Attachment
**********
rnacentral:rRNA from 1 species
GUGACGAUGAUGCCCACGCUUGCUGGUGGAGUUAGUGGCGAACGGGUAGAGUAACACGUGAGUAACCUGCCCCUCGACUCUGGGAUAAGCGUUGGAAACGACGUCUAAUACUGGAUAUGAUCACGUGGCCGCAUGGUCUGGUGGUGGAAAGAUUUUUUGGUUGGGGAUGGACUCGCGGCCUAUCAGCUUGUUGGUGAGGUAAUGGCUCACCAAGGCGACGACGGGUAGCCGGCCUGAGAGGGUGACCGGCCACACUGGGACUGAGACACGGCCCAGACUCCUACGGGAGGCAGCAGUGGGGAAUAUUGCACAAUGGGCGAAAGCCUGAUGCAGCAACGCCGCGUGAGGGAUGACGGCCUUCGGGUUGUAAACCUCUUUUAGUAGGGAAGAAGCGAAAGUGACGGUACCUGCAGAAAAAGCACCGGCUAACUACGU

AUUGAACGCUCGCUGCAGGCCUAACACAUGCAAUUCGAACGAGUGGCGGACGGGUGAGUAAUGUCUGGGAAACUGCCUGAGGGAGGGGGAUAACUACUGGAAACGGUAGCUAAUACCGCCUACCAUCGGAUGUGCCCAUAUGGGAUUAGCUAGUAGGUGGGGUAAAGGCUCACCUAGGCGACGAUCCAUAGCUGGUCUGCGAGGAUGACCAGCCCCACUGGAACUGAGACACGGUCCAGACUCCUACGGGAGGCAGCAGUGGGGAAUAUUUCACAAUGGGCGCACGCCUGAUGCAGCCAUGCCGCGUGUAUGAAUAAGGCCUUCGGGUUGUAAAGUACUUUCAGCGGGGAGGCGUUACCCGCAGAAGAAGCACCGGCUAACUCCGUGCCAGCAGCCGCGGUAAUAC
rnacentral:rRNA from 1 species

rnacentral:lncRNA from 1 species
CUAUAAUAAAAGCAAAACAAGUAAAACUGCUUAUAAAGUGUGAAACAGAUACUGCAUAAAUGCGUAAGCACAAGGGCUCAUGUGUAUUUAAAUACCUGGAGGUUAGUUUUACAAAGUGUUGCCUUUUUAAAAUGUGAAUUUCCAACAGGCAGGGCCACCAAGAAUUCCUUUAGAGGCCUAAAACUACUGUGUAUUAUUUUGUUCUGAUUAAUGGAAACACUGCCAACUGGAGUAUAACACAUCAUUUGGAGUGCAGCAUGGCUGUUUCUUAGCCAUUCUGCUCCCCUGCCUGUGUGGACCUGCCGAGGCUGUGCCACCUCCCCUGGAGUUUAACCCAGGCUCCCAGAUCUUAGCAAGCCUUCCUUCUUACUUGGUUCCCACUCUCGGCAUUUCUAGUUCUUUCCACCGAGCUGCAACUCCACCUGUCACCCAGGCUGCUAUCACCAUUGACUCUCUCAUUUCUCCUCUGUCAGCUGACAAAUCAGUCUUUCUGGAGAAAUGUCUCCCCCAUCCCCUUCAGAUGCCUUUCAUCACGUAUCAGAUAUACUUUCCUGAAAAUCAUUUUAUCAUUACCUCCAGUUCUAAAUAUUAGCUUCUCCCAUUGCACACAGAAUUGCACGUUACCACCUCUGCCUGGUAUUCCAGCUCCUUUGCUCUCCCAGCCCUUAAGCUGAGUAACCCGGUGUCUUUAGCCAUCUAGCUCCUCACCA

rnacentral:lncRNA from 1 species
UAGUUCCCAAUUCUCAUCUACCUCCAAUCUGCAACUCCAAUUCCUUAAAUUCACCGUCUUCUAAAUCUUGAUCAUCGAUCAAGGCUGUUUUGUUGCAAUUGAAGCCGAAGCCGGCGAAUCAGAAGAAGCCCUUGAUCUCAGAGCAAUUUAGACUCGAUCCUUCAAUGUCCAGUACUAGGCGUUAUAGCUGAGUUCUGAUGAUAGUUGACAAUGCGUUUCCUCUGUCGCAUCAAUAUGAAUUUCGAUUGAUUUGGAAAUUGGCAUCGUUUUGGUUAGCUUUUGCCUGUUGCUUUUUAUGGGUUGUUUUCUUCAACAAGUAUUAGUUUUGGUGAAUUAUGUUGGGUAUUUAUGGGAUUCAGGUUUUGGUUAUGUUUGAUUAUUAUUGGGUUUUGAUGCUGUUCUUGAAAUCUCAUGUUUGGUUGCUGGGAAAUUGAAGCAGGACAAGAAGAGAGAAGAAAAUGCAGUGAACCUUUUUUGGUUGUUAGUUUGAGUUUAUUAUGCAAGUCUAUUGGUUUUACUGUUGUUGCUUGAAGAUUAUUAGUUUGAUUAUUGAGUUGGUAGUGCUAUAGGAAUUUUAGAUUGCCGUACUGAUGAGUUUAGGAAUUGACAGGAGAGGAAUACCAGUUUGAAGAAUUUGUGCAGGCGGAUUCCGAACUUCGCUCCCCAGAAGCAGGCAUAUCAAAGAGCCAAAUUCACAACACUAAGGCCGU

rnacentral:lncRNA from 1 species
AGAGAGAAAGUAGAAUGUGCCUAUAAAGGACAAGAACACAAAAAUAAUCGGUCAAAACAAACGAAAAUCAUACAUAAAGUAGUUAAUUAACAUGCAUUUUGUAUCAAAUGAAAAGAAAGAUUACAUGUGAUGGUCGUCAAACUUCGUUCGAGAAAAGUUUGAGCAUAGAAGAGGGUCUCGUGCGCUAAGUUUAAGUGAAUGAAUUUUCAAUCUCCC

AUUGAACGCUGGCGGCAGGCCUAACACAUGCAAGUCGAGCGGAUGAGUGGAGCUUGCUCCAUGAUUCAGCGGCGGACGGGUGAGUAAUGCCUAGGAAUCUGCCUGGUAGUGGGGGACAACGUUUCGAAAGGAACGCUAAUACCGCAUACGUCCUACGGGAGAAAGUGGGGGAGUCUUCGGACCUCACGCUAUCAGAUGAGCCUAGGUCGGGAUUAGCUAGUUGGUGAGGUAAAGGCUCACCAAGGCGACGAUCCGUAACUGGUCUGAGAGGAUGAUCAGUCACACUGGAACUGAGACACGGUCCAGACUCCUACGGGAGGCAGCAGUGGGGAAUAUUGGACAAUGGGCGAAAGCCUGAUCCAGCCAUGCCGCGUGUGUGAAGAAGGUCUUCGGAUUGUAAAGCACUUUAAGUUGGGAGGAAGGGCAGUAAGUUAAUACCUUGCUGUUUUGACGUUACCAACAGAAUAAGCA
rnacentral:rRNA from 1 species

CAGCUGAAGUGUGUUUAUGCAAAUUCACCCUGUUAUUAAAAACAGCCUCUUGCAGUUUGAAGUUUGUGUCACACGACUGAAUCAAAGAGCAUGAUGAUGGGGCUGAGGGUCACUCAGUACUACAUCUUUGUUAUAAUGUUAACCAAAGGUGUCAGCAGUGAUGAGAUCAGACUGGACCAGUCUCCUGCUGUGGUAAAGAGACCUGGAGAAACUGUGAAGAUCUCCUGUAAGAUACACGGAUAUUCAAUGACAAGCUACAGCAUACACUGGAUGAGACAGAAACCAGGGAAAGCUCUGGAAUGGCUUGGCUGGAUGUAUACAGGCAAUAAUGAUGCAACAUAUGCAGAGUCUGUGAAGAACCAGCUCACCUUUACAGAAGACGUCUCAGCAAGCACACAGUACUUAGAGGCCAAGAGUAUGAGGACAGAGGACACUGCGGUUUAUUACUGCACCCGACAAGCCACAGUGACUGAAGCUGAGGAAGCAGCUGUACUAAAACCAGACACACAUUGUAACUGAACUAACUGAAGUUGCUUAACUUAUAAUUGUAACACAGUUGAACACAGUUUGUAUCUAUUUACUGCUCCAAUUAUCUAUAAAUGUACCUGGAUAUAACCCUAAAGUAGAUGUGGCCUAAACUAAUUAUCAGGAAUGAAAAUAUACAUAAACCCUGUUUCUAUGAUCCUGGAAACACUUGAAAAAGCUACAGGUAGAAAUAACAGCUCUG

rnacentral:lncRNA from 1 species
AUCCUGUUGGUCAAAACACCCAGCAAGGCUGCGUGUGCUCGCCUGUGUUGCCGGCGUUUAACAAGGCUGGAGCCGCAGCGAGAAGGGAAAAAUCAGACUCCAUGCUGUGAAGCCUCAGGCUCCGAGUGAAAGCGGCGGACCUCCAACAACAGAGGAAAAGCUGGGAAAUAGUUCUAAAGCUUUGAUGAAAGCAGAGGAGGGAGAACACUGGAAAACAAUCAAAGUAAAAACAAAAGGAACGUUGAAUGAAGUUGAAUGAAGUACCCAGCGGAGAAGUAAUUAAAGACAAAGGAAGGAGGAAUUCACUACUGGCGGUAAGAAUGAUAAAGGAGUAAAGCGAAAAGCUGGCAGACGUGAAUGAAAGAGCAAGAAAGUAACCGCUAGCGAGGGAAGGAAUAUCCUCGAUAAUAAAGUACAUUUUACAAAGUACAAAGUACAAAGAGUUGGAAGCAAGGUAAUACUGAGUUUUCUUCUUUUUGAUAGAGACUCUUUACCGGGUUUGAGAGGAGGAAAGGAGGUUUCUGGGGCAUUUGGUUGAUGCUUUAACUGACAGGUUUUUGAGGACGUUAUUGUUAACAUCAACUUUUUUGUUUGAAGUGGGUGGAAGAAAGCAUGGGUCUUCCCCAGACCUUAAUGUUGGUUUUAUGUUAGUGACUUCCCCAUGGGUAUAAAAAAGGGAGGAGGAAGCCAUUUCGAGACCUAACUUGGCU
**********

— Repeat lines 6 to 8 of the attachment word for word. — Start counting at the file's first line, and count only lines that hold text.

CUAUAAUAAAAGCAAAACAAGUAAAACUGCUUAUAAAGUGUGAAACAGAUACUGCAUAAAUGCGUAAGCACAAGGGCUCAUGUGUAUUUAAAUACCUGGAGGUUAGUUUUACAAAGUGUUGCCUUUUUAAAAUGUGAAUUUCCAACAGGCAGGGCCACCAAGAAUUCCUUUAGAGGCCUAAAACUACUGUGUAUUAUUUUGUUCUGAUUAAUGGAAACACUGCCAACUGGAGUAUAACACAUCAUUUGGAGUGCAGCAUGGCUGUUUCUUAGCCAUUCUGCUCCCCUGCCUGUGUGGACCUGCCGAGGCUGUGCCACCUCCCCUGGAGUUUAACCCAGGCUCCCAGAUCUUAGCAAGCCUUCCUUCUUACUUGGUUCCCACUCUCGGCAUUUCUAGUUCUUUCCACCGAGCUGCAACUCCACCUGUCACCCAGGCUGCUAUCACCAUUGACUCUCUCAUUUCUCCUCUGUCAGCUGACAAAUCAGUCUUUCUGGAGAAAUGUCUCCCCCAUCCCCUUCAGAUGCCUUUCAUCACGUAUCAGAUAUACUUUCCUGAAAAUCAUUUUAUCAUUACCUCCAGUUCUAAAUAUUAGCUUCUCCCAUUGCACACAGAAUUGCACGUUACCACCUCUGCCUGGUAUUCCAGCUCCUUUGCUCUCCCAGCCCUUAAGCUGAGUAACCCGGUGUCUUUAGCCAUCUAGCUCCUCACCA

rnacentral:lncRNA from 1 species
UAGUUCCCAAUUCUCAUCUACCUCCAAUCUGCAACUCCAAUUCCUUAAAUUCACCGUCUUCUAAAUCUUGAUCAUCGAUCAAGGCUGUUUUGUUGCAAUUGAAGCCGAAGCCGGCGAAUCAGAAGAAGCCCUUGAUCUCAGAGCAAUUUAGACUCGAUCCUUCAAUGUCCAGUACUAGGCGUUAUAGCUGAGUUCUGAUGAUAGUUGACAAUGCGUUUCCUCUGUCGCAUCAAUAUGAAUUUCGAUUGAUUUGGAAAUUGGCAUCGUUUUGGUUAGCUUUUGCCUGUUGCUUUUUAUGGGUUGUUUUCUUCAACAAGUAUUAGUUUUGGUGAAUUAUGUUGGGUAUUUAUGGGAUUCAGGUUUUGGUUAUGUUUGAUUAUUAUUGGGUUUUGAUGCUGUUCUUGAAAUCUCAUGUUUGGUUGCUGGGAAAUUGAAGCAGGACAAGAAGAGAGAAGAAAAUGCAGUGAACCUUUUUUGGUUGUUAGUUUGAGUUUAUUAUGCAAGUCUAUUGGUUUUACUGUUGUUGCUUGAAGAUUAUUAGUUUGAUUAUUGAGUUGGUAGUGCUAUAGGAAUUUUAGAUUGCCGUACUGAUGAGUUUAGGAAUUGACAGGAGAGGAAUACCAGUUUGAAGAAUUUGUGCAGGCGGAUUCCGAACUUCGCUCCCCAGAAGCAGGCAUAUCAAAGAGCCAAAUUCACAACACUAAGGCCGU